Thursday, 29 January 2009
Schools Building Projects
I listened with interest to the debate on the Electoral (Amendment) Bill and the wonderful thing that is democracy. The essence of a healthy, thriving democracy must be the level of trust which exists between those who are elected and those who elect. While that trust is in general healthily maintained in Galway East, there is a danger that it may be about to break down, particularly in an area of south Galway which was given a commitment a couple of weeks before the general election that a new 700 pupil, co-educational second level school would be provided in Kinvara to serve the people of the area.
This commitment was given in May 2007. In January 2008, the Commission on School Accommodation, which had been requested by the Minister to establish whether there was sufficient need for a new second level school in the area, submitted its report to the Minister. It concluded that there was definitely a need for a new co-educational post-primary school, with a capacity of approximately 800 students, to be provided in the environs of Kinvara to serve the whole of south Galway. It stated the school would be required for the 2012-13 school year to coincide with the planned closure of Seamount College.
In a response to the report, given to me in the House on 24 April last, the then Minister for Education and Science, Deputy Hanafin, stated it was her intention that the school would be built. She indicated that the Office of Public Works, which acts on behalf of the Department on the acquisition of school sites, was being requested to source a suitable site for the school in question. As we approach the first anniversary of the date on which that commitment was given, I hope the Minister of State will inform me that significant progress has been made on the acquisition of a site.
South Galway has a serious need for a new second level school. The Sisters of Mercy have been very co-operative in this matter and have given a commitment to keep open Seamount College until the 2012-13 school year. Unfortunately, this commitment does not extend beyond that date. It is possible, therefore, that in three years the second level school will close without a replacement being available. I look forward to the Minister of State's reply.
I thank the Senator for raising the important matter of a second level school in Kinvara as it provides an opportunity to outline to the House the Government's strategy for capital investment in education projects and the current position regarding the provision of a new second level school in Kinvara, County Galway.
Modernising facilities in our building stock and the need to respond to emerging needs in areas of rapid population growth is a significant challenge and one which the Minister intends will be among his priorities. The Government has dramatically increased investment in the school building programme to almost €581.3 million this year. Almost €4.5 billion will be invested in schools during the lifetime of the national development plan. This is an unprecedented level of capital investment which reflects the commitment of the Government to continue its programme of sustained investment in primary and post-primary schools.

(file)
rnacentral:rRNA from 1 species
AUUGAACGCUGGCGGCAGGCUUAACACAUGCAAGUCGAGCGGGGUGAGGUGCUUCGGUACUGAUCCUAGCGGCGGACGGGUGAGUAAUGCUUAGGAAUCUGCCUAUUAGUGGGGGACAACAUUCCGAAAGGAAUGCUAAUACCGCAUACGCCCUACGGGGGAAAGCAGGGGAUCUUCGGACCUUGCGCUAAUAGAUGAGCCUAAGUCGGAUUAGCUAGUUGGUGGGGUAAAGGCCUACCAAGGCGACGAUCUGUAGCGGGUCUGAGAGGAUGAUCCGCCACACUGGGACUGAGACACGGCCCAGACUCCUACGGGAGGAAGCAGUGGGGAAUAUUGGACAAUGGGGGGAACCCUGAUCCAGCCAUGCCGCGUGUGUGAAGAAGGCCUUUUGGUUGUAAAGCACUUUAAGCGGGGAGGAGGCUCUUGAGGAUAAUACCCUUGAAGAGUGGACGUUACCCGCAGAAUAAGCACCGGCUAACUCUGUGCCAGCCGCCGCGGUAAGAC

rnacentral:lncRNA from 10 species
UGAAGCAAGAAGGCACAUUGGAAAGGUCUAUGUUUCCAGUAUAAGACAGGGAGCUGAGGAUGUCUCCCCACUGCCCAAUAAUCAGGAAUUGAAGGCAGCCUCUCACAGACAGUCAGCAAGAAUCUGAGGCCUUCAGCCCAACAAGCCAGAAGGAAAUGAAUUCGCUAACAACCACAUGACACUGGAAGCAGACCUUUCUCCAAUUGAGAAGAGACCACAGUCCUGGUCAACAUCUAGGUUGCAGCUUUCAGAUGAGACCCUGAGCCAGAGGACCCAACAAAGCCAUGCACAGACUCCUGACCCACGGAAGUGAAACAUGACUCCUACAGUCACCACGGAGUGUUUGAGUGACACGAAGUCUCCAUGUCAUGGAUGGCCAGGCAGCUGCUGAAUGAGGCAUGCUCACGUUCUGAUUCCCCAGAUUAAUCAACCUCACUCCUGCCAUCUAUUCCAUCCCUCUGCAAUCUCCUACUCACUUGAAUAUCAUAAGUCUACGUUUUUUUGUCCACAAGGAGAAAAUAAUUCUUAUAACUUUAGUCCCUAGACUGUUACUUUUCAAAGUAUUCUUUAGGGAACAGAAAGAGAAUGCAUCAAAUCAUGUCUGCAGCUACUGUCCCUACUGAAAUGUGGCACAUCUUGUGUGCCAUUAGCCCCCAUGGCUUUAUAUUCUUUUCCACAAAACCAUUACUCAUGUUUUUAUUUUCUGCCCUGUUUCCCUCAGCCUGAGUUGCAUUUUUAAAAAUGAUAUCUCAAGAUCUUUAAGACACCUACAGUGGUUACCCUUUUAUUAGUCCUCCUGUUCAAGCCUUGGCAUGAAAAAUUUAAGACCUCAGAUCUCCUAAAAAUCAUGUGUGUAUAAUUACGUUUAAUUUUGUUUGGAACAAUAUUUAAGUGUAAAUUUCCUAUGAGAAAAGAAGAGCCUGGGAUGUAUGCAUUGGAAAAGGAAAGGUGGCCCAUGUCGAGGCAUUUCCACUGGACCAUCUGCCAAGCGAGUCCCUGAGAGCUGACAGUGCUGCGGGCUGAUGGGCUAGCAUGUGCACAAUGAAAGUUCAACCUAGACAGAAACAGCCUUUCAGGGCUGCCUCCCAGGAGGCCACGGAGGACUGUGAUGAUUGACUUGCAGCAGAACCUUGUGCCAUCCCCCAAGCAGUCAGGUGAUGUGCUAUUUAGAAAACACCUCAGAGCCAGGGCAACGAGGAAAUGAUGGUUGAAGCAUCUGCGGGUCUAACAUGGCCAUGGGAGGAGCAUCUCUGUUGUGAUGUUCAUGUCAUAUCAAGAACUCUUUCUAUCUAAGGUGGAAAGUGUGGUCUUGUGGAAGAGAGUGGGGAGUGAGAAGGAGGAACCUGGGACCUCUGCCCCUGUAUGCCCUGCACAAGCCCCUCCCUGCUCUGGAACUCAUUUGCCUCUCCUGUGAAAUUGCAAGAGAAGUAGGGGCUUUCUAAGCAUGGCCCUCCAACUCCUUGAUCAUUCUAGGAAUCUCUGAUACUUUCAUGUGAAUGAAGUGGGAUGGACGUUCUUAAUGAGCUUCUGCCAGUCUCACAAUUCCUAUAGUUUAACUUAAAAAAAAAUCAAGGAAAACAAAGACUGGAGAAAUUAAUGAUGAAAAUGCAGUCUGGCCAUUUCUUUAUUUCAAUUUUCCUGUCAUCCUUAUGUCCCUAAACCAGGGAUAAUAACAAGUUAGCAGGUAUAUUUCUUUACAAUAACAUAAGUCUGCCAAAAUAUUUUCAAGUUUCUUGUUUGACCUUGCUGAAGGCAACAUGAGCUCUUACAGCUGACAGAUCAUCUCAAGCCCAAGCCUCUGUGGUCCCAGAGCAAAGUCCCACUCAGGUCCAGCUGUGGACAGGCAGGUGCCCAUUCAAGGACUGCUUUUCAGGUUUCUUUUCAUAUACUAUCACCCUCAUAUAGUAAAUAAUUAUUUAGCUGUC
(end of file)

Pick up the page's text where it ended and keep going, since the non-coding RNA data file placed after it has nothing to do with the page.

This programme will underpin a particular emphasis on the delivery of additional school places in rapidly developing areas, while continuing to develop on the Government's commitment to delivering improvements in the quality of existing primary and post-primary accommodation throughout the country.
The position regarding the provision of a new second level school in the northern environs of the area referred to is as follows. As Senator Cannon indicated, the Commission on School Accommodation conducted a survey of school accommodation in the area to determine the location of the proposed post-primary school and identify other locations where additional school places may be required over the next five to ten years. The commission, as the Senator noted, published its report in January 2008. It recommended that a co-educational post-primary school for circa 800 students should be provided in the northern environs of the area in question.
When a new school has been approved a number of procedures and processes must be undertaken and these can take some time to complete. The main stages are as follows: the identification and acquisition of a suitable site; design of the building; application for and granting of planning permission; invitation to seek tenders; and construction. The further progression of the proposed project, including the acquisition of a site, for the school will be considered in the context of the capital budget available to the Department for school buildings generally. In light of many competing demands on the capital budget of the Department, it is not possible to give an indicative timeframe for the progression of the project at this time.
Senator Cannon expressed concerns arising from the proposed closure of Seamount College, Kinvara. With this proposal in mind, in November 2008 officials from the Department met the trustees of the college to discuss the provision of a new school. Arising from these discussions the Department wrote to the trustees requesting their views on the possibility of extending the deadline for the school closure until a timeframe for developing a new school can be determined in light of the current economic climate and-or on whether the trustees would consider the possibility of leasing the buildings to the Department for the operation of a school. The Minister has been advised that this request is being considered by the trustees.
The Minister conveys his thanks to the Senator for affording him the opportunity to outline to the House the current position regarding the provision of a new second level school in Kinvara, County Galway.